I don't have quite your mother's issues, but I am an ex-smoker and a former drug user. NO ONE can 'save' someone who isn't ready - I don't care how negative the consequences of the bad behavior are. Any attempts will be resented and will just push the person into being more secretive about their self-destruction. You say you can't sit by and watch, but trust me on this: YOU CAN'T LIVE HER LIFE FOR HER, and she will grow to resent you if you try.
Back off, set a great example and be there for her when she takes positive steps. She's very likely not in as much denial as you think she is. However - that's not the point, the point is she's not committed to changing her life and you can't do it for her no matter how much you want to. Yes, it hurts to watch loved ones slowly destroy themselves - remember this when it comes to parts of your own behavior that aren't healthy that you don't want to change. However she's an adult and she has free will - she needs to make her own choices for her own reasons.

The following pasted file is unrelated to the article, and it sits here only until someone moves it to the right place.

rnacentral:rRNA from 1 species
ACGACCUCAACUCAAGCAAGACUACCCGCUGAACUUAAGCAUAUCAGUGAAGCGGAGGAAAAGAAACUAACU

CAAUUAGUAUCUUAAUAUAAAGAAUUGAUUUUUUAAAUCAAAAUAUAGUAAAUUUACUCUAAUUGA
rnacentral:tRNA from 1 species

Also remember - "Mom, I love you. I'm so glad you're taking care of yourself - I want my happy, healthy mother around for a long time." is a lot more effective than "Should you be eating that?"
Monday, July 09, 2007, 1:03 PM
I'm so sorry! I wish you luck in trying to reach her. She's your *mom*. Of course this is hurting you!!
Monday, July 09, 2007, 2:07 PM
My mom has similar issues, she complains about being fat and unhappy and cant exercise because of her arthritis. She says since she can't exercise she will be fat anyways so why watch what she eats? Odd how different our mindsets can be... Sad part is she is only 53 and she seems determined to die fat.